Relational database theory for practitioners

Chris Date has long been a champion of relational theory, and his latest book, Database in Depth: Relational Theory for Practitioners is aimed at database professionals who "are honest enough to admit they don't understand the theory underlying their own field as well as they might, or should." In this excerpt, Date defines the two meanings of the term "data model" and explains why the differentiation should matter to you. Read the complete chapter here.

Chris Date has long been a champion of relational theory, and his latest book, Database in Depth: Relational Theory for Practitioners is aimed at database professionals who "are honest enough to admit they don't understand the theory underlying their own field as well as they might, or should." In this excerpt, Date defines the two meanings of the term "data model" and explains why the differentiation should matter to you. Read the complete chapter here.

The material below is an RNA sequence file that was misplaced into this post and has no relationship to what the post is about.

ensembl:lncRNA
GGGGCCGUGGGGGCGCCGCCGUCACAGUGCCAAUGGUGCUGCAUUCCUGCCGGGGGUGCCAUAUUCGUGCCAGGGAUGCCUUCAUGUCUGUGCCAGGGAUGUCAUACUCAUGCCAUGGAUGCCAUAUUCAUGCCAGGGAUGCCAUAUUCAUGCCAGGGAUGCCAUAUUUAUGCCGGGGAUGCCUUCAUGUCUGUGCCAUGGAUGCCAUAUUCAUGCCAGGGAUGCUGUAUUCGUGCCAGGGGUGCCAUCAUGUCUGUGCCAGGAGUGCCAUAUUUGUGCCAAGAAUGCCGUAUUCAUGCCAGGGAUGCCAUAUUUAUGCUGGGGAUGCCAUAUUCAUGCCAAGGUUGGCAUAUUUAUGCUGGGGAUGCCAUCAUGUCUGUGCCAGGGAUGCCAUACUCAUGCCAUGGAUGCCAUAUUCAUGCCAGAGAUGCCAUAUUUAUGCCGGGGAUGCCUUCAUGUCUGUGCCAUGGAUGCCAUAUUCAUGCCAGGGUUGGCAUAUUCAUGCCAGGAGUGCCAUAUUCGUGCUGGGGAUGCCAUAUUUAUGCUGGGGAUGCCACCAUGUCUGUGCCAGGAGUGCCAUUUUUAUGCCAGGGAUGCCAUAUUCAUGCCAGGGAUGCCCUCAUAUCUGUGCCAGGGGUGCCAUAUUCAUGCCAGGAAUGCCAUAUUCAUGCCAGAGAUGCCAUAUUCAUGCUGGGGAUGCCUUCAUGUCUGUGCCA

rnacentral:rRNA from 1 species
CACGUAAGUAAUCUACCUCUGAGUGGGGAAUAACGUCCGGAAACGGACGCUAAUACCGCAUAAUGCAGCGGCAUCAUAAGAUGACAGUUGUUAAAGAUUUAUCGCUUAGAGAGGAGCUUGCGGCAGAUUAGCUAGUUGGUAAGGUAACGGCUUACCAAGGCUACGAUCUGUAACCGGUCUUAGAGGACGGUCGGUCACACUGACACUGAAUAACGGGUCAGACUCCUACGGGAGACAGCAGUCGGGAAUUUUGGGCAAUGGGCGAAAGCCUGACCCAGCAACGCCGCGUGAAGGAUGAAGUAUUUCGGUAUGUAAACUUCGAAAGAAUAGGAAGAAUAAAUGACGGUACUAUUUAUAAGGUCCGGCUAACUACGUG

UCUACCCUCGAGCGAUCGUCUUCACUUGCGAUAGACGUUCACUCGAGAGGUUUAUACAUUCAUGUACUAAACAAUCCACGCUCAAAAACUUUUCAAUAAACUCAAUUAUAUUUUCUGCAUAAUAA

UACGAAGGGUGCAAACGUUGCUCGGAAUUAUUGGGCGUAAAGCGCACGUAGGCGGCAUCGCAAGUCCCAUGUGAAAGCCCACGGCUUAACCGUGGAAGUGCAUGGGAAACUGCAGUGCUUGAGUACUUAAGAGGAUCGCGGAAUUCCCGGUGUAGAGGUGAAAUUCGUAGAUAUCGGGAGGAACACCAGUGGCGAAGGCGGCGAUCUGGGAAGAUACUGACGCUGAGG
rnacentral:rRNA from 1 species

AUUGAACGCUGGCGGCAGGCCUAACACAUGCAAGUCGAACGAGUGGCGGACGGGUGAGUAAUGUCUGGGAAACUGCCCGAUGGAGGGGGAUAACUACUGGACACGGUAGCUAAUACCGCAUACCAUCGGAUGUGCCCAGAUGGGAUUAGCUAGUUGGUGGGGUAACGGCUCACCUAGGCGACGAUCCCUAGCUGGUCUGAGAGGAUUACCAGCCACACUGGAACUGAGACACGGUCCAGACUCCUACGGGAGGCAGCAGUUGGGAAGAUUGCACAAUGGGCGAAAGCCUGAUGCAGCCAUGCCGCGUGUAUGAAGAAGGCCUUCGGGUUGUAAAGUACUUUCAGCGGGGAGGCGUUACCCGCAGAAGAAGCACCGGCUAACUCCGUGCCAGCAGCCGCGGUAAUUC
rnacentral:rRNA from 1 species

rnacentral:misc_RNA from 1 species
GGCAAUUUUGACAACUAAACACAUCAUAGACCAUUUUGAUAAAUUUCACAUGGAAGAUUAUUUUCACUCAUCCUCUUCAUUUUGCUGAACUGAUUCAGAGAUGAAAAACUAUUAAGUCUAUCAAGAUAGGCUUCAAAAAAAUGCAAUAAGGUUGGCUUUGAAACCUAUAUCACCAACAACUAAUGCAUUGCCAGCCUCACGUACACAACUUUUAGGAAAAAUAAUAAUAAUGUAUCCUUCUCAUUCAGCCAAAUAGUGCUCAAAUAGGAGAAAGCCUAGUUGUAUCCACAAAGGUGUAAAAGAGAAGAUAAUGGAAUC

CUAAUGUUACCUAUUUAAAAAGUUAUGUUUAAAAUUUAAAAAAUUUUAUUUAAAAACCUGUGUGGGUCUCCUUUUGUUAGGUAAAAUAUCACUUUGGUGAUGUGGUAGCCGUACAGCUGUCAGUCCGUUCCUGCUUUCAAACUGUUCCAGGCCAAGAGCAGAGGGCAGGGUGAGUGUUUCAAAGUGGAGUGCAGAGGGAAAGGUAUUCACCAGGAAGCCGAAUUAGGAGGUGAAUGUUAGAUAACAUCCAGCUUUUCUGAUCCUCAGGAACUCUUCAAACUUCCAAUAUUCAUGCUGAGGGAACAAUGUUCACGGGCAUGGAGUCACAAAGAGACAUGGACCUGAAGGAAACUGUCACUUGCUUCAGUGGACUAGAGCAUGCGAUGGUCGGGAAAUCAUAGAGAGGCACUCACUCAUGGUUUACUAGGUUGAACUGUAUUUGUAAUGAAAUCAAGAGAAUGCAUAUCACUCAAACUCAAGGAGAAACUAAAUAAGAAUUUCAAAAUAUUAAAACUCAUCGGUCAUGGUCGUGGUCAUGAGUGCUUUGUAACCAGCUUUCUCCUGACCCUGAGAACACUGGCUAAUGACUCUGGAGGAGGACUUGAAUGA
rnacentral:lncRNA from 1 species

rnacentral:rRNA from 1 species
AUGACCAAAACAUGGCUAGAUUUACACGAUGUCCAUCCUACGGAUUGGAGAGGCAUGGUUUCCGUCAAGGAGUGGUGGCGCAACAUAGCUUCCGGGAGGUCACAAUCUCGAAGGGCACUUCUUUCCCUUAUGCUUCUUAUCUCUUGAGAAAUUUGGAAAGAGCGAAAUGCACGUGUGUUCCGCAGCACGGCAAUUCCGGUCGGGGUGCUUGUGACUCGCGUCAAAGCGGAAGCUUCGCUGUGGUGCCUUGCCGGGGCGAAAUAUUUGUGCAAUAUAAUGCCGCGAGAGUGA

A review of the original model

You're a database professional, so you already have some familiarity with the relational model. The purpose of this section is to serve as a kickoff point for our subsequent discussions; it reviews some of the most basic aspects of that model as originally defined. Note the qualifier "as originally defined"! One widespread misconception about the relational model is that it's a totally static thing. It's not. It's like mathematics in that respect: mathematics too is not a static thing but changes over time. In fact, the relational model can itself be seen as a small branch of mathematics; as such, it evolves over time as new theorems are proved and new results discovered. What's more, those new contributions can be made by anyone who's competent to do so. Like mathematics again, the relational model, though originally invented by one man,has become a community effort and now belongs to the world.

By the way, in case you don't know, that one man was E.F. Codd, at the time a researcher at IBM. It was late in 1968 that Codd, a mathematician by training, first realized that the discipline of mathematics could be used to inject some solid principles and rigor into the field of database management, which was all too deficient in such qualities prior to that time. His original definition of the relational model appeared in an IBM Research Report in 1969, and I'll have a little more to say about that paper in Appendix B.